Debt Stacking vs Snowball

When it comes to paying off an array of credit cards, there’s a bit of strategy involved. Taking the right approach could save you hundreds or even thousands of dollars in interest.

The average credit cardholder has three and a half cards in his or her wallet. They’re likely to have different interest rates, different credit limits and varied balances. Which card do you pay off first?

There are two schools of thought here – those who say you should focus your attention on the smallest balances first, because seeing those fall down to zero will give you a confidence boost to pay off the others. This is called the snowball method. Then there’s the debt stacking method, which involves putting the bulk of your efforts into the card with the highest interest rate, since it’s costing you the most money.

Want to see how each approach stacks up? We’ll run some numbers, assuming you’re average (we’ll round up to four cards). Let’s say you have:

  1. A Visa with a $5,000 balance at 28.9%
  2. A MasterCard with a $700 balance at 24.9%
  3. An American Express with a $2,000 balance at 11.9%
  4. And a Discover card with a $400 balance at 17%

And you can afford to pay $300 a month total. $245 will go toward meeting your minimum payments, which means you have $55 to throw toward aggressively paying off your balances.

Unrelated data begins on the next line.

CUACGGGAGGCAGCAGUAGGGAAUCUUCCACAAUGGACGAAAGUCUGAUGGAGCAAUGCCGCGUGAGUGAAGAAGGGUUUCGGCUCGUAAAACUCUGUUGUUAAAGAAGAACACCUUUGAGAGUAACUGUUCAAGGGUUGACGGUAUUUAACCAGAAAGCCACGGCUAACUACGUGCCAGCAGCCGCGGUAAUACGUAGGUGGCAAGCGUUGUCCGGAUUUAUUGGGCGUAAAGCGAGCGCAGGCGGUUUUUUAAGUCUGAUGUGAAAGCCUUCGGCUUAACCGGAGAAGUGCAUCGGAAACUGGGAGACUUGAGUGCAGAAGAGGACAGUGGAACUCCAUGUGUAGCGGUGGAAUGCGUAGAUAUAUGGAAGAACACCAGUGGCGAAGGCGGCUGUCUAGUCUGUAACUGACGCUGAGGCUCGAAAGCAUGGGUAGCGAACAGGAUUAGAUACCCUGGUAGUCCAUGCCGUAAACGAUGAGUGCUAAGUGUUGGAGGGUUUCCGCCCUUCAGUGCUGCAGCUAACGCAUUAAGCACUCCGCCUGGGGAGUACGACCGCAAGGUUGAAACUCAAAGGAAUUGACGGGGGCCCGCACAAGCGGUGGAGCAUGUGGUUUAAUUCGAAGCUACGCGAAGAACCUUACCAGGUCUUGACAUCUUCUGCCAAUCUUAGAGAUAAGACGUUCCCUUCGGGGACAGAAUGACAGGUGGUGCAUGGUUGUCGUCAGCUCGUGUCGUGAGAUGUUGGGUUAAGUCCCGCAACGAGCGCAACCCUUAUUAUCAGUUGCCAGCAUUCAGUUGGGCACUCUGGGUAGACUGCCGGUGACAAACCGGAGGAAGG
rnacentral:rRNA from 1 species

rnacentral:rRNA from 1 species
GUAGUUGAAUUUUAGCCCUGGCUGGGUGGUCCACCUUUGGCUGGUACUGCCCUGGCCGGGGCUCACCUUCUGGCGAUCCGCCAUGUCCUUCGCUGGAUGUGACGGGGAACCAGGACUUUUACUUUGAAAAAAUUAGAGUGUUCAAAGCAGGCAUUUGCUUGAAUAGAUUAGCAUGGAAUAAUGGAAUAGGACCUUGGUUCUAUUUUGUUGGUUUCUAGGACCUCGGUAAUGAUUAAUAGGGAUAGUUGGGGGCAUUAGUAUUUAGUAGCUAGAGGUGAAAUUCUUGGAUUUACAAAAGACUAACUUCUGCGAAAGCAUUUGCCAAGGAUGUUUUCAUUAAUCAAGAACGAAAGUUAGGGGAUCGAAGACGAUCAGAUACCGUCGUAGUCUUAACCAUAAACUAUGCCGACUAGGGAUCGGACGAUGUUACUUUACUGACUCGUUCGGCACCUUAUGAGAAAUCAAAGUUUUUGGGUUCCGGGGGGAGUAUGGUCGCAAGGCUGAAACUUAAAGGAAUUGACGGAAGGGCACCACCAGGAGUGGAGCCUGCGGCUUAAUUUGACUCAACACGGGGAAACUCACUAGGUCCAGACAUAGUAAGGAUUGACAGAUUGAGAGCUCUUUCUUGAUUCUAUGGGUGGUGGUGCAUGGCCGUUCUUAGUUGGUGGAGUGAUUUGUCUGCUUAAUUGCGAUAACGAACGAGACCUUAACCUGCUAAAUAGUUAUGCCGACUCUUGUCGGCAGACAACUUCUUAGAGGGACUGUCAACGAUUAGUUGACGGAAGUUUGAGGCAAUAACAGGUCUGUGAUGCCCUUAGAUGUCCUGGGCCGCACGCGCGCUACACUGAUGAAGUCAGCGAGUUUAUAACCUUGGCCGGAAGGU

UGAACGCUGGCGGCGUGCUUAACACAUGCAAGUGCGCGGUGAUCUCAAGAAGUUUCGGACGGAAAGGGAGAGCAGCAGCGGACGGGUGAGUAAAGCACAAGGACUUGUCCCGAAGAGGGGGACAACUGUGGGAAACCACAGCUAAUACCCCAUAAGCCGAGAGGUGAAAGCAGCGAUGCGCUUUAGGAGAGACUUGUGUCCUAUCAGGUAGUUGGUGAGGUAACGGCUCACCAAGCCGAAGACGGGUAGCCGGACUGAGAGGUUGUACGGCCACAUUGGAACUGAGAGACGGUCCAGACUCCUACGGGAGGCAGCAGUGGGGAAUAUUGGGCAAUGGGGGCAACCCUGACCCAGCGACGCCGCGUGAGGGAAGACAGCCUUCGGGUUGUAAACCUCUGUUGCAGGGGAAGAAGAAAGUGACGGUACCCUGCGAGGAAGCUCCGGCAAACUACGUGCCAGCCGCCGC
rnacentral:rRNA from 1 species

Option 1: The Snowball. Pay off the cards with the lowest balances first while making minimum payments on the others.

PriorityBalanceMinimum Payment1st payment with this strategyTotal Interest PaidPaid Off In
Card #4 (17% APR)$400$15$15 + $55$20.806 months
Card #2 (24.9% APR)$700$20$20$150.0513 months
Card #3 (11.9% APR)$2,000$40$40$386.8126 months
Card #1 (28.9% APR)$5,000$170$170$3141.2737 months

With this method, you’ll pay a total of $3,698.93 in interest charges.

Option 2: Debt Stacking. Pay off the cards with the highest interest rates first, while making the minimum payments on the others.

PriorityBalanceMinimum Payment1st payment with this strategyTotal Interest PaidPaid Off In
Card #1 (28.9% APR)$5,000$170$170 + $55$2,283.0231 months
Card #2 (24.9% APR)$700$20$20$388.1632 months
Card #4 (17% APR)$400$15$15$105.7931 months
Card #3 (11.9% APR)$2,000$40$40$577.4536 months

With this method, you’ll be out $3,354.42 in interest charges – saving you nearly $350. You’ll also get out of debt earlier.

Of course, there are other considerations beyond time and money. Morale, for one – if you feel that paying off a card in full will give you a kick in the pants, then by all means, knock out a low-balance card, then switch to the stacking method. The snowball approach also allows you to eliminate cards with annual fees, if you have them, and if you’re looking to boost your credit score fast, paying off a card completely, particularly if you’re riding close to the limit, could do the trick. But remember that when you pay off a high-interest rate debt, the return on your money is equal to the interest rate you’re paying. So if you knock out that 28.9% card, you’re putting a 28.9% guaranteed return in your pocket. You can’t beat that.

Jean Chatzky